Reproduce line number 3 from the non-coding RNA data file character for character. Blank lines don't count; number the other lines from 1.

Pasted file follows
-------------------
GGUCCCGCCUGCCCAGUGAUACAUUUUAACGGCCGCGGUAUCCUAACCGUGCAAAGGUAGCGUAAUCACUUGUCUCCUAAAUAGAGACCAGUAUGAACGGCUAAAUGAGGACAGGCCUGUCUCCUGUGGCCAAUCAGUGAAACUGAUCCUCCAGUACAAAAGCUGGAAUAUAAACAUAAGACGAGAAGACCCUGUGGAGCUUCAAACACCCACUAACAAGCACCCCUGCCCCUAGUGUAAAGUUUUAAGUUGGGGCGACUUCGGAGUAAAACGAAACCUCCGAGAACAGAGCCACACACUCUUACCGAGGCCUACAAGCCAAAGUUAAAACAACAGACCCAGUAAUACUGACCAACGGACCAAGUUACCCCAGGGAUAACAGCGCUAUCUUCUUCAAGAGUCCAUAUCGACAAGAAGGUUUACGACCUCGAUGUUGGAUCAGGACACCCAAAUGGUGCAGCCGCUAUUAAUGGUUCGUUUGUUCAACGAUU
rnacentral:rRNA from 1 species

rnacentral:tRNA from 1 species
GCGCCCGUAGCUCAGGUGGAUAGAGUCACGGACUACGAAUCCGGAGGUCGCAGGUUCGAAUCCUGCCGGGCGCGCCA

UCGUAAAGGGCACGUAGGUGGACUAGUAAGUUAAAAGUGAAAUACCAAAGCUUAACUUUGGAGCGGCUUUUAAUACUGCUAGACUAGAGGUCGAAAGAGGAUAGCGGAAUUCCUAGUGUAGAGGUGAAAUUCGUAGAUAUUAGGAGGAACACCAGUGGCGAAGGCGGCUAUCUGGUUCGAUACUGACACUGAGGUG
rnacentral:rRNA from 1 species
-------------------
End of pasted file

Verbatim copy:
rnacentral:tRNA from 1 species